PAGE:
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Oral Surgery / Wisdom Teeth

 

Almost any dentist in the world can extract a tooth. After all, the basic principle is pretty simple—apply enough pressure and enough force, and the tooth will come out. But what are the results afterwards?

With an unskilled or untrained surgeon, the results can be pretty messy. Excruciating pain, excessive swelling, bleeding, infections, fever, headache, sinus perforation, dry sockets, limited mouth opening, nausea, nerve damage, and even jaw fracture are some of the surgical risks. But a truly excellent surgeon can mitigate those risks, and a very skilled dental surgeon can keep the swelling and pain to the minimal.

Most of Dr. Suen’s surgery patients experience very little pain, and some have virtually no swelling. In fact, over 90% of the patients who come to his office to have their wisdom teeth removed are able to chew the next day, and some patients required no painkillers. You don’t have to take his word for it—you can see Before-and-After videos of these patients themselves at  video testimony. To show realistic results, Dr. Suen has provided videos of patients ranging from having no pain and no swelling to various degrees of complications (all complications were resolved shortly).

 

Mesiodent Extraction

Some people have an extra small tooth (mesiodent) located near the tongue side of the upper front teeth. Mesiodent can interfere with orthodontic treatment, growth and position of the upper front teeth and gum problem.  Mesiodent surgery should be done at an early age around 8-12 years old.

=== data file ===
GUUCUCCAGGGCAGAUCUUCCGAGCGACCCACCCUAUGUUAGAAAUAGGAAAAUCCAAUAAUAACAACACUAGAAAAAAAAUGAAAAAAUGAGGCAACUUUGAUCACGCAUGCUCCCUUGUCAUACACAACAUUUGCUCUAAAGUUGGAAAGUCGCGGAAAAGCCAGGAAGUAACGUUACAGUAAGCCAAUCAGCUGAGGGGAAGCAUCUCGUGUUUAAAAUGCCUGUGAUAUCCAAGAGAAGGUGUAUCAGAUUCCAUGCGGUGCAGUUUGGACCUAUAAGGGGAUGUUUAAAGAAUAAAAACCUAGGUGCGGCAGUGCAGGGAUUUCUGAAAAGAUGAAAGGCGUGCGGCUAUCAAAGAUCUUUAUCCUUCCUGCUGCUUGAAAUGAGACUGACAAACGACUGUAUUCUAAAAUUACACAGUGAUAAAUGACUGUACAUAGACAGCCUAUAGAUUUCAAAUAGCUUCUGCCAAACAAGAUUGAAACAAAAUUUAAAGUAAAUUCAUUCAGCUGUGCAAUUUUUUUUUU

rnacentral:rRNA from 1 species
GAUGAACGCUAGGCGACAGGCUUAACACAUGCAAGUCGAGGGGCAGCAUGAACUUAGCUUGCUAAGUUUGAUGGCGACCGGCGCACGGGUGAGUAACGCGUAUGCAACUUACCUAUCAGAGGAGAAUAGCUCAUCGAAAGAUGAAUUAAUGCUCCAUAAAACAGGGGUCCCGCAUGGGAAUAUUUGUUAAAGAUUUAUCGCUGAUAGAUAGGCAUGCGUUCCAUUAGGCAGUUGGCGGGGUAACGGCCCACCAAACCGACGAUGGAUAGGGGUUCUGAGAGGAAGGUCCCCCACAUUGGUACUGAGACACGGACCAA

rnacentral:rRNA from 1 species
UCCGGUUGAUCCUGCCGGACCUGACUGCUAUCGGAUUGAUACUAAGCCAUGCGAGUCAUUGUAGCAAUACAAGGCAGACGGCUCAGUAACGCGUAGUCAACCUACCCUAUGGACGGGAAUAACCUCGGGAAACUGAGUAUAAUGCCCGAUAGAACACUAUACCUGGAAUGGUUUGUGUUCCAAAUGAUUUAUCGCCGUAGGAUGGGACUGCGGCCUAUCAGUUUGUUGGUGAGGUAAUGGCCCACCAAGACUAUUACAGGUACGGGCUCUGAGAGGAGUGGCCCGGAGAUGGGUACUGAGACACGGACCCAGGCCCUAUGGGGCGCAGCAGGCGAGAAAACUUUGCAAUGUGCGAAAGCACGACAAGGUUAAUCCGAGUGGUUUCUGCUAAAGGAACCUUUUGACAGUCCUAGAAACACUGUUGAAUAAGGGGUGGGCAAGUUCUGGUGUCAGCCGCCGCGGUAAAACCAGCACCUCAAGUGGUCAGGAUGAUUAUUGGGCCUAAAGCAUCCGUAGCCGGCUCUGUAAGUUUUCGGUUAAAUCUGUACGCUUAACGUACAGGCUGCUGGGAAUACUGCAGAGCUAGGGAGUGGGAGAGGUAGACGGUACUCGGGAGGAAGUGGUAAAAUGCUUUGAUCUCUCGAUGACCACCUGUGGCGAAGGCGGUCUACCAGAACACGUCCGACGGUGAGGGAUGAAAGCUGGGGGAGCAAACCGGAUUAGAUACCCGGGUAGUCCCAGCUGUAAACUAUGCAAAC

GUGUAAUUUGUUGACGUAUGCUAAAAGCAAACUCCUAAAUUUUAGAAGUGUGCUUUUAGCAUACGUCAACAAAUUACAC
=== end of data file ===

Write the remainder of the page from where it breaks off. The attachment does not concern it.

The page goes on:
Root Tip Extraction

When the crown of the tooth decays away, the remaining root embedded in the bone often needs to be surgically removed before the patient experiences pain.

Wisdom Teeth / 3rd Molar Extraction

Retained wisdom teeth are often responsible for the loss numerous second molars.  It is recommended that the wisdom teeth are removed between the ages of 16 to 19.

Impacted Teeth Removal (Other Than Impacted Wisdom Teeth)

When a tooth doesn’t erupt into its normal position (called impacted teeth), it often stays at or below the gum line. Surgical removal of the impacted teeth will be beneficial to the patient.

Bone Graft After Tooth Extraction

Bone grafting is a procedure often done at the time of extraction to preserve bone thickness and the alveolar ridge architecture, which is critical for future implant placement.

Intentional Re-implantation

Sometimes conventional endodontics and retrograde endodontic micro-surgery are not options when the nerve of a root is infected and the patient experiences pain. Short of pulling the tooth and replacing it with an implant, the tooth can be saved by performing the Intentional Re-Implantation micro surgery. The infected tooth is extracted from the patient’s mouth, surgery is performed outside of the patient’s mouth, and the tooth is then re-implanted back into the patient’s mouth.

 

Sinus Lift Surgery

A sinus lift surgery adds bone graft to the upper jaw, which lifts the floor of the sinus higher. This procedure will help assure sufficient amount of bone for an implant placement

Alveolectomy

Alveolectomy is a surgical procedure to remove all sharp, pointy bone spicules on the top ridge of the gum. This process helps reduce pain for some denture wearer.

Hemisection

When a molar needs root canal but one root is unsalvageable, a hemisection can be done. Instead of removing the entire tooth, Dr Suen can cut off and extract the unsalvageable root and perform root canal on the remaining root.

Impacted Teeth Crown Exposure

When a tooth doesn’t erupt into its normal position (impaction), surgery is first performed to expose the tooth so an orthodontic bracket can be attached to the impacted tooth. Subsequently, the tooth is brought to its normal position via orthodontic treatment.

 

 

 

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